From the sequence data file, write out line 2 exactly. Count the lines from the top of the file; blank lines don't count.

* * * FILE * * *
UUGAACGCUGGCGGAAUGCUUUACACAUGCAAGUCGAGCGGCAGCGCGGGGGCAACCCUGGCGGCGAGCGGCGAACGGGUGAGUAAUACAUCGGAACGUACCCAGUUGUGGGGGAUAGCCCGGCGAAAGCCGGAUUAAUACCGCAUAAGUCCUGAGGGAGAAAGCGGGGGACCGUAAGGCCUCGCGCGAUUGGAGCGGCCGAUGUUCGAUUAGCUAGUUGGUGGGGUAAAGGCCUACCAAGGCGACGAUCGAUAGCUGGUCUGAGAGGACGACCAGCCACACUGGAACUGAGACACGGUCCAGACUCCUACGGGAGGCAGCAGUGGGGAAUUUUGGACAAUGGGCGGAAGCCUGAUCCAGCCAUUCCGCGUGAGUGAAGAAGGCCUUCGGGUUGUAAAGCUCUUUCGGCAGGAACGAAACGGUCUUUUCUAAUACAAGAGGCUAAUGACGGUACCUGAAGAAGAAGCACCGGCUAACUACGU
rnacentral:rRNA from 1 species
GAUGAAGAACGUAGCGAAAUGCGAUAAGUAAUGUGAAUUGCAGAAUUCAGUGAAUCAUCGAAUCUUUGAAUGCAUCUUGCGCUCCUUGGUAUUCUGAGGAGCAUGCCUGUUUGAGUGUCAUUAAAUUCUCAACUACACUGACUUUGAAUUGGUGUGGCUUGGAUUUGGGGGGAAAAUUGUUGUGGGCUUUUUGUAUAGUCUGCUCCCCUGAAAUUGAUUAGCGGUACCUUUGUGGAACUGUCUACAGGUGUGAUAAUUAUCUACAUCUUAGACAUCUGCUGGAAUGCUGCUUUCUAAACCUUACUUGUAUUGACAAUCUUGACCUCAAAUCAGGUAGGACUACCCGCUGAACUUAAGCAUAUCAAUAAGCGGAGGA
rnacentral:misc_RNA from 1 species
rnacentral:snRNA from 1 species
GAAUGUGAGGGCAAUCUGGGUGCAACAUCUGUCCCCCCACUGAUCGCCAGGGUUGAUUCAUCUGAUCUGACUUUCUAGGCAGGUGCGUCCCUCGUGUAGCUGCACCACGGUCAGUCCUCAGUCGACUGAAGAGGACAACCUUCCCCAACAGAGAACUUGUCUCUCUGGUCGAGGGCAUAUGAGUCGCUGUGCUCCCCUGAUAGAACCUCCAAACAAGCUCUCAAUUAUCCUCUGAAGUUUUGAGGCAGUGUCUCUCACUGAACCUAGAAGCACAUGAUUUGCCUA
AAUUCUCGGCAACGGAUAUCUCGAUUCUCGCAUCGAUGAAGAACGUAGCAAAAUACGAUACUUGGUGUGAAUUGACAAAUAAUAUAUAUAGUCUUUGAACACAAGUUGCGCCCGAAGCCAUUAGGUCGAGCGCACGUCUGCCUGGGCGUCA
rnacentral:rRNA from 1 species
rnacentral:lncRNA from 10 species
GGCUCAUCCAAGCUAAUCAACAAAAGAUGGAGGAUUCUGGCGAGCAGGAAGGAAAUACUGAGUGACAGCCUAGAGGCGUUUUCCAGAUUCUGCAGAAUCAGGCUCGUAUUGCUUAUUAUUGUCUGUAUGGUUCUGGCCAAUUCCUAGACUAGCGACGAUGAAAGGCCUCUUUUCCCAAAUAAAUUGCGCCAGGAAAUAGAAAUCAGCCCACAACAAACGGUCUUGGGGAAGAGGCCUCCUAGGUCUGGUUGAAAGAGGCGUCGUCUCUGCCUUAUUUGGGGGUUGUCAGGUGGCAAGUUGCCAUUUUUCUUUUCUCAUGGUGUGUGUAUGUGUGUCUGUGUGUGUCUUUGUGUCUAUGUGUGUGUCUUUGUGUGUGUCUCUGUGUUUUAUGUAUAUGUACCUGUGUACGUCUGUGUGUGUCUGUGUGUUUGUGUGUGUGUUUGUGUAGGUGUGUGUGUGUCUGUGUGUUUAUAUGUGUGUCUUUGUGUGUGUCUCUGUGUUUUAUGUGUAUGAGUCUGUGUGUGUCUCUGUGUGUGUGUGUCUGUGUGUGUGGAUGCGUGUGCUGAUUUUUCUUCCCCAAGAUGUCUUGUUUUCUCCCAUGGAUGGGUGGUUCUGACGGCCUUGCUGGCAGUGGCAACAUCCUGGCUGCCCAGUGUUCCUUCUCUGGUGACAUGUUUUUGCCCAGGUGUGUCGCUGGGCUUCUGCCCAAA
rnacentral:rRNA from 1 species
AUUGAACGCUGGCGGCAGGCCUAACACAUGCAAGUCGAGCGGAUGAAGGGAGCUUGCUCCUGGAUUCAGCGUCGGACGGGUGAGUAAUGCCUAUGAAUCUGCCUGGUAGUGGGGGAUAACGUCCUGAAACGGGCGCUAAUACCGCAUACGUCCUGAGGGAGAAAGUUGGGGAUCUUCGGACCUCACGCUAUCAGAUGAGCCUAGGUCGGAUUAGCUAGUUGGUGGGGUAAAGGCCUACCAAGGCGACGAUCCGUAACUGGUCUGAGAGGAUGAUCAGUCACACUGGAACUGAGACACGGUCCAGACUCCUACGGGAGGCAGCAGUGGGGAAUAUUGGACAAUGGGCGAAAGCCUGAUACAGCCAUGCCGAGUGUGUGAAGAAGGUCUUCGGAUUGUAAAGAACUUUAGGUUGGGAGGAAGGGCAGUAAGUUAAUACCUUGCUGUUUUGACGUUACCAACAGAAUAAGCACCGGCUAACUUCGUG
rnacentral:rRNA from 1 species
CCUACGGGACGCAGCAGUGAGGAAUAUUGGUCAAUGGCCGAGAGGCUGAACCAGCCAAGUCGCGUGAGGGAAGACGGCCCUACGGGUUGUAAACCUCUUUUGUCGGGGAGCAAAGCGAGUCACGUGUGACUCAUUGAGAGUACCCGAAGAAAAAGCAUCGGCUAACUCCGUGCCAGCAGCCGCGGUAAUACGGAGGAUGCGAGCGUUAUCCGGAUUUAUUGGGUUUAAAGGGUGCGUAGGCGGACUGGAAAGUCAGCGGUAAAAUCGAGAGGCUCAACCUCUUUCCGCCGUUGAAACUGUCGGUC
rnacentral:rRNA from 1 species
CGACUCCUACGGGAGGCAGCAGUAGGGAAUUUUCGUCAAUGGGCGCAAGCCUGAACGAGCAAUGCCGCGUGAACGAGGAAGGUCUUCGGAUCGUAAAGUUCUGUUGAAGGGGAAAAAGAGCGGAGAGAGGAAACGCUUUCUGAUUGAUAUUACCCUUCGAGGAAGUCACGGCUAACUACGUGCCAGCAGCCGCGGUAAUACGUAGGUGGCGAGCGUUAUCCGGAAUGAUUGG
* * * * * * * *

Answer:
rnacentral:rRNA from 1 species